The Wedlock

The Wedlock

6 mins

The time had finally arrived. The much awaited occasion finally lay in front. And it had come after a long series of hunt, analysis, pursuit, discussion, agreement, and disagreement. But the job was not even half done. The task needed to be successfully completed which required a lot of endeavor and persistence. And they were up for it, the Mangilal and family. And why not, it was the marriage of their daughter Meena, the elder of the two.

Mangilal was a man well known for his diligence and generous character. The aged postmaster in Gangapur town of Varanasi had spent all his life there. He was not a big man moneywise, but he had always held his head high and used to command enormous respect in town. He was blessed with two angelic daughters, Meena and Ratna.

It is said that Indian parents start saving for their daughter’s marriage from the day of her birth. Mangilal too had accumulated all he could and by all means. Apart from some household items and clothes, the marriage was fixed for a scooter, some golden jewelry and one lac in cash. Mangilal had saved all his life for this very event and was glad to fulfill all the demands, obligations and desires.

But Ratna, the younger one, was not very happy. She knew all the efforts her father had made for the marriage. She also knew that her father had exhausted all his resources and was left with almost nothing. She was worried about the future, about her future, about her own marriage. She was very well aware of the simple truth that without money, marriage in a good house was almost impossible.

The thought brought unrest to her. The bizarre uncertainty about her marriage asked many questions. Questions she was unfamiliar with, questions so strange and obscure. She was having thoughts which never surfaced before. She was surprised to know how her parent’s love was unfairly distributed between the two daughters. How they focused only on Meena and she being the second child was ignored. She recalled that this was going on since childhood. Since childhood, Meena was the priority. All the new toys and clothes were bought for Meena. And she had to play with old toys which Meena stopped playing with, wear clothes which became short for Meena. Books, school uniform, bicycle, everything was passed on. She thought her father treated them differently even in education; Meena was sent to a bigger college in Varanasi while she was asked to graduate from the local college as her mother was not well and needed company at home. In fact in every phase, she now believed, it was all about Meena. No wonder her father had spent everything on Meena’s wedding leaving nothing for her.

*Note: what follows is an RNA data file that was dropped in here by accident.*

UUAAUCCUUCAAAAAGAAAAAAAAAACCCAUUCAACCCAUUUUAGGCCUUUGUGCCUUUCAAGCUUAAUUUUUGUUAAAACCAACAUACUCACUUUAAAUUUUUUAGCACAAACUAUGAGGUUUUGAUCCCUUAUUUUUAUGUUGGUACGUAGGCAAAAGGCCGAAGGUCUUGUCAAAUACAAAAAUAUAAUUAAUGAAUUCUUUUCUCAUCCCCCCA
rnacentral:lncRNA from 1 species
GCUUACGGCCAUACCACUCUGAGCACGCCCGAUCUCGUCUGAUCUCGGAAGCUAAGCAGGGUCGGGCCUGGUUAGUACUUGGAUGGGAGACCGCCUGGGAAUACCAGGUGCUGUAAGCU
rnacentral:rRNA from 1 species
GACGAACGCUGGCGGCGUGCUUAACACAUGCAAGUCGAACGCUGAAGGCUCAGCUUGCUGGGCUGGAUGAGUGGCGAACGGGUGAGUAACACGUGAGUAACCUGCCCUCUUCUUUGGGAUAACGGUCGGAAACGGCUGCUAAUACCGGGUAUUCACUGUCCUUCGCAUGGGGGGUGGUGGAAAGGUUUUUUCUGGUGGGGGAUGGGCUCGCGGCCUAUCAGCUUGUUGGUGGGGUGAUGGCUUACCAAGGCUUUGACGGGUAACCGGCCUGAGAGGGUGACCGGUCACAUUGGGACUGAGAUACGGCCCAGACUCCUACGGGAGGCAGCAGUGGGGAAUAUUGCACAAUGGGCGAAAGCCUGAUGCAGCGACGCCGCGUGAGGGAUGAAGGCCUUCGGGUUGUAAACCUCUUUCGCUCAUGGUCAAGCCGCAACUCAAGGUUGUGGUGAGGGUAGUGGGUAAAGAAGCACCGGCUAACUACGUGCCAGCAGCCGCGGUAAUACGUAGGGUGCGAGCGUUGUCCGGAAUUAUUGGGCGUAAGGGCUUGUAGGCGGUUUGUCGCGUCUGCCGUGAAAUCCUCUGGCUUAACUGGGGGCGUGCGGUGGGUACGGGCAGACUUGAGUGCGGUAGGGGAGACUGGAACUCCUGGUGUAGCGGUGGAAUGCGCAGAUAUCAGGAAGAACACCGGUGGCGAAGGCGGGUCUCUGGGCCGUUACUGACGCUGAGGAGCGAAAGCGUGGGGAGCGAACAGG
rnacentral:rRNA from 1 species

She was annoyed at this deed of discrimination. She thought as to why she has to bear all this. She was in no way less than Meena. Equally educated, she was far more beautiful than her. She even had a job as a school teacher, unlike the to be house wife Meena. There was no reason she should have in-laws inferior to Meena. In fact she deserved better.

But the truth is marriage is a costly affair. One has to pay big price for a better future. After segregation on the basis of caste and religion, magnitude of wealth transaction decides which couple will tie the holy knot. Grooms are available with price tags and the better you want, the more you need to spend.